By James Oliphant and Trevor Hunnicutt
NASHUA, New Hampshire – Joe Biden’s campaign held a victory party in a New Hampshire hotel ballroom on Tuesday evening. But there was no victory. And there was no Joe Biden.
Before the polls had even closed, the Democratic presidential hopeful had left New Hampshire, where he ultimately posted a fifth-place finish. The dismal performance came just eight days after the Iowa caucuses, where Biden finished fourth.
The back-to-back stumbles have created a difficult situation for Biden, who must perform well in upcoming contests in Nevada and South Carolina this month to show voters and donors that his candidacy remains viable.
David Hopkins, an expert in presidential campaigns at Boston College, said no candidate has ever gone on to win the Democratic nomination who finished lower than third place in Iowa and New Hampshire.
“Does Biden have the resources to sustain a comeback?,” said Hopkins. “It’s hard to tell in this trajectory whether you are going to bounce back or just keep going downhill.”
Vermont U.S. Senator Bernie Sanders won New Hampshire, followed by South Bend, Indiana Mayor Pete Buttigieg, Minnesota U.S. Senator Amy Klobuchar and Massachusetts U.S. Senator Elizabeth Warren.
Biden, the affable former vice president, has tried to downplay his early struggles. Iowa and New Hampshire are small states with few delegates whose populations are overwhelmingly white and unrepresentative of the country overall, his campaign has argued.
The candidate is looking to Nevada and South Carolina, the next two states on the nominating calendar, to revive his fortunes. Nevada boasts large numbers of unionized workers and Latino voters. South Carolina has a heavy concentration of African-American voters, who have shown a strong affinity for Biden, the former running mate of Barack Obama, America’s first black president.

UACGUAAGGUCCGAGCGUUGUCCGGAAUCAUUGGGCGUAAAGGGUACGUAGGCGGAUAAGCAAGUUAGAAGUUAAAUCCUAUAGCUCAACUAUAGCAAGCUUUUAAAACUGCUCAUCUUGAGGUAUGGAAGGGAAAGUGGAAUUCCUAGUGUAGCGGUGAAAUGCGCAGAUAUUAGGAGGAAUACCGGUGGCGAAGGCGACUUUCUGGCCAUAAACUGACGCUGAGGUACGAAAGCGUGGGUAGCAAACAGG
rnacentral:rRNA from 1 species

While Sanders, Buttigieg and a suddenly surging Klobuchar celebrated their strong showings in New Hampshire on Tuesday night, Biden headed to a rally in South Carolina.
“Up ’til now we haven’t heard from the most committed constituency in the Democratic Party, the African-American constituency,” Biden said in Columbia, the capital.
While Buttigieg and Klobuchar have emerged as formidable rivals to Biden in attracting moderate Democratic voters, they so far have attracted little support among Latinos or African Americans, whose votes will be critical to defeat incumbent Republican President Donald Trump in November. Sanders has attracted Latino support, but has yet to gain traction with black voters.
Biden has touted himself as the only candidate in the race capable of harnessing the Democrats’ diverse coalition. But that claim is being challenged by Mike Bloomberg, the billionaire former mayor of New York, who is skipping the four early contests to compete starting on Super Tuesday on March 3.
A national poll this week from Quinnipiac University showed Biden’s support among black Democrats, which stood at 51% in late January, has slid to 27%, while Bloomberg’s black support has climbed to 22% from 7% over the same period.
On a campaign strategy call on Wednesday, U.S. Representative Cedric Richmond, a co-chair of the Biden campaign, blasted Sanders, Buttigieg and Bloomberg, a former Republican, as too risky to trust with the nomination.